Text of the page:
Lubomyr Melnyk ~ Fallen Trees

The Lubomyr Melnyk story is one of the best in music, a sonic parallel to that of J.K. Rowling with more than a touch of magic.  After a lifetime of making “continuous music,” the Ukrainian pianist entered the public eye in 2013, courtesy of Erased Tapes.  He’d been penniless, homeless, “deeply broken hearted,” reviled by the occasional critic who stopped in to hear “the fastest pianist in the world.”  Now nearing the age of 70, he’s stopped asking why it took him so long to be discovered and has settled in to his new role as mentor.  If the new album sounds less melancholic than prior works, it may be because he’s no longer alone.  Hatis Noit is with him this time around, along with Anne Müller and David Allred, a multigenerational family of support.  Some days, the new truth must still be surprising: he is cherished, he is appreciated, he is loved.

Cascade is the word most commonly used to describe Melnyk’s notes, which fall like rain, leaves or snow, depending on the season, a seemingly endless stream.  If anyone had the patience and ears to count these notes, it would be interesting to chart how many are present in a single track, as opposed to those in the tracks of his labelmates.  More notes doesn’t automatically mean better, but in his case the notes seem to be transformed into waves.  So what might happen when these waterfalls meet the extended intonations of Hatis Noit in “Requiem for a Fallen Tree”?  The answer is delicious contrast.  Here is the older man, staring out the window of the train, remarking at the beauty of the fallen trees, which he calls “sorrowful, but hopeful … killed, but (not) dead.”  The final two movements of the title track are “They Are Down” and “Not Forgotten.”  He may see in these trees a reflection of his own life.  His hands begin to twitch as he gazes through the glass.  He taps his tendons, dreaming of the keys.  And now Hatis Noit slows everything down, elongates syllables, sings a sad, slow, elegy.  Dead Can Dance comes to mind.  This inspired collaboration plays with time, which was already the subject, a pianist playing as many notes as he can, as quickly as he can, knowing one day he will run out.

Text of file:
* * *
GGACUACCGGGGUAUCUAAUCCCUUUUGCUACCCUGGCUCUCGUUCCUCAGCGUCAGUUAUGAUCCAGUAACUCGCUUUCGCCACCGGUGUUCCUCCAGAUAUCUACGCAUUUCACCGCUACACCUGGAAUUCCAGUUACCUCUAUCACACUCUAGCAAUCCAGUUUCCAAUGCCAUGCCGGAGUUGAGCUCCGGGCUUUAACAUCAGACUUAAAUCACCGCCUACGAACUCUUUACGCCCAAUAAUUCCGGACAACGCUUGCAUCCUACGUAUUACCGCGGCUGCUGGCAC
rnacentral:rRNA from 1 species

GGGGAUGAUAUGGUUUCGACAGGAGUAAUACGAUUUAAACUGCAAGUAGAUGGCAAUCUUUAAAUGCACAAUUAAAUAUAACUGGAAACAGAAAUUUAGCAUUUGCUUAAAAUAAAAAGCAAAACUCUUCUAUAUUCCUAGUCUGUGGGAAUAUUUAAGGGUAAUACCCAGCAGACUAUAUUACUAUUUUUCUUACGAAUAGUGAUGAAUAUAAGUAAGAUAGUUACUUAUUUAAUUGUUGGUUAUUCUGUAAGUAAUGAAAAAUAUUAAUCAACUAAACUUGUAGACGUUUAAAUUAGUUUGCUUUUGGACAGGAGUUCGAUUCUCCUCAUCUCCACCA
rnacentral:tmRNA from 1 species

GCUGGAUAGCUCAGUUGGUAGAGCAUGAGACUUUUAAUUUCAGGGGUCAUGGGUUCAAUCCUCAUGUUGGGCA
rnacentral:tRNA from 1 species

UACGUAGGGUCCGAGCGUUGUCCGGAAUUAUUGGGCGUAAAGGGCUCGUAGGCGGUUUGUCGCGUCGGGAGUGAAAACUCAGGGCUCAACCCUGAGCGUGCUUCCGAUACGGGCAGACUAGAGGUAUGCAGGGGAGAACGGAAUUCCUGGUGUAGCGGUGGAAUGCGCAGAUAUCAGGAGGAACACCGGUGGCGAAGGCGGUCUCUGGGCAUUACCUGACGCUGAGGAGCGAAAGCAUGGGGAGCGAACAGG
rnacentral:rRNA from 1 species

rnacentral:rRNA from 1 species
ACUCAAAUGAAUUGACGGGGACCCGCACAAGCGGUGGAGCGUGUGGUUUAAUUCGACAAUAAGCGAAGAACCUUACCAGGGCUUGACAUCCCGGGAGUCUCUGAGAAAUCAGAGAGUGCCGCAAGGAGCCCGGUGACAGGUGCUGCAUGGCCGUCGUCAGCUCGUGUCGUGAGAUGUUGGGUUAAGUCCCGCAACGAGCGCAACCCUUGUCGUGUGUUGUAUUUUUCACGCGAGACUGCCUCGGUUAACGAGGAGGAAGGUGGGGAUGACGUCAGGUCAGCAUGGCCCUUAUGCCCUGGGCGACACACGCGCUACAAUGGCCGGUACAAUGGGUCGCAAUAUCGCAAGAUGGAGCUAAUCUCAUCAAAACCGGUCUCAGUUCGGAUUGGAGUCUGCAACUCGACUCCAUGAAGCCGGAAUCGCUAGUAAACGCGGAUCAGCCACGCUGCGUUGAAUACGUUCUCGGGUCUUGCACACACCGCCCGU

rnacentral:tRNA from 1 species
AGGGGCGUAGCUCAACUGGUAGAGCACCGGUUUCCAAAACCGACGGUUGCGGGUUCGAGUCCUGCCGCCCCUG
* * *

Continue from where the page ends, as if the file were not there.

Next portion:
“Barcarolle” is one of the most beautifully defined pieces that Melnyk has ever produced, but to our chagrin we had to look up the definition of the word.  Turns out it’s a style of Venetian gondolier song in 6/8 or 12/8, later popularized in opera.  There’s no opera here, save for the aural reflection of gentle paddles.  This remarkable piece leads to the ambitious 21-minute title suite, its length emphasizing the strength of Melnyk’s hands, its intricacy the strength of his mind.  The piece ~ in fact the entire album ~ is a tribute to golden, neglected beauty.  At this time of year, most people are more interested in fallen leaves, not fallen trees, but Melnyk has an eye for the forgotten.  He recalls the joy of a child finding a felled tree, a fresh treat filled with splinters, bee hives, bird nests and concentric rings.  And when the full cast enters ~ Noit, Allred, Müller ~ it’s as if he’s run home at full speed, eager to alert his friends, his generous heart wanting to share his treasure with others.

As the sun sets earlier and the days are suffused with filtered light, let the sound of Fallen Trees be a reminder that all things die, but that even the dead can glow.  (Richard Allen)

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